Right at the start, a great debate about the nature of Azawakh flares up. It would be a variety of the Sloughi breed, so it was agreed on the name Tuareg-Sloughi, since both varieties, Sloughi and Azawakh, are smooth-haired Salukis. In 1981 the FCI recognized the Sloughi-Azawakh breed, and in 1986 the addition of Sloughi was withdrawn. Confusion continued until the late 1980s, and ultimately three new races were established: Sloughi, Saluki, and Azawakh. French breeders develop the official breed standard, which refers to the offspring of the first seven animals of their own. The country of origin Mali is not an FCI member, so the patronage is French. This standard is very restrictive, especially with regard to coat color and does not reflect the great diversity of African Azawakhs. The French breeders’ association states that the pure-bred Azawakh must have a certain distribution of the white portion of the otherwise red-sand-colored coat color on the legs, neck and head. At exhibitions, however, you can increasingly see black, grizzly and piebald animals with too much white, which probably originated in Africa through crossbreeding with other greyhound species. The opinions of the cynological associations are currently hardened to the extreme, resulting in uncertainty among breeders, judges and owners. For example, the French standard makers are said to be ignorant of the African dog population; in return, the 25-year-old Azawakh breed is portrayed as a mistake, since over five generations the offspring sometimes look completely different from the first French imports. Ultimately, due to the massive differences, the number of participants in dog shows and exhibitions is falling rapidly, as former champions are often devalued by the judges.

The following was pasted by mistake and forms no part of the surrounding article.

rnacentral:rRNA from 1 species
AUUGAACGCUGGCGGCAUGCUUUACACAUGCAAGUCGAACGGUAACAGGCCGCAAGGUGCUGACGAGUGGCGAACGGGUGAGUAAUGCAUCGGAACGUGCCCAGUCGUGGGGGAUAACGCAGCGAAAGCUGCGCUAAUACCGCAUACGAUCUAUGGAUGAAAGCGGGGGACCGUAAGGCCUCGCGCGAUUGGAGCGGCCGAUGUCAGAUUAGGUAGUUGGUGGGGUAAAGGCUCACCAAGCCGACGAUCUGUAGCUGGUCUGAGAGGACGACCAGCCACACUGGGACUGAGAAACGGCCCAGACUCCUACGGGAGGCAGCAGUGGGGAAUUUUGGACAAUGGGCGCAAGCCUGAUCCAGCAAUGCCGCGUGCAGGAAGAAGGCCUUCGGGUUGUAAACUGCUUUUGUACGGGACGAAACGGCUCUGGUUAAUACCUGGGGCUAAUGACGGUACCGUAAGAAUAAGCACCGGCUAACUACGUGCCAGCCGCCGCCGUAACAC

Body type and coat

The shape of the head is very narrow and finely chiseled with diverging boundary lines of the muzzle and skull. The back of the head is pronounced. Large amber-colored or dark, almond-shaped eyes with black pigmented lids convey an expressive appearance. The less pronounced stop turns into a long muzzle that tapers towards the nose, whereby the nose can be black or brown. When paying attention, the Azawakh erects its high set ears. The strong jaw houses a scissor bite. The long, but muscular neck opens into a rather narrow but deep chest area and the back line, which is straight or slightly rising towards the hips. The sloping croup, the raised belly and the long, slender limbs form a highly erect, rectangular silhouette. The light-footed, almost dance-like gait rounds off the aristocratic appearance with flowing movements. Dry muscles and bones are clearly visible under the thin, tightly fitting one. The long, thin tail is worn hanging down with a slightly curved tip when at rest. The coat should be light sand colored to deep red within the color nuances. The texture is fine, smooth, short and sparse on the underside of the body. White markings are allowed on the paws, tip of the tail and chest. The head can have a black mask. Faults include, among other things, curling, half-length hair or wire hair, inwardly curved ribs (violin case shape), clumsy physique, a light eye, misalignment of the legs, the lack of white coat color.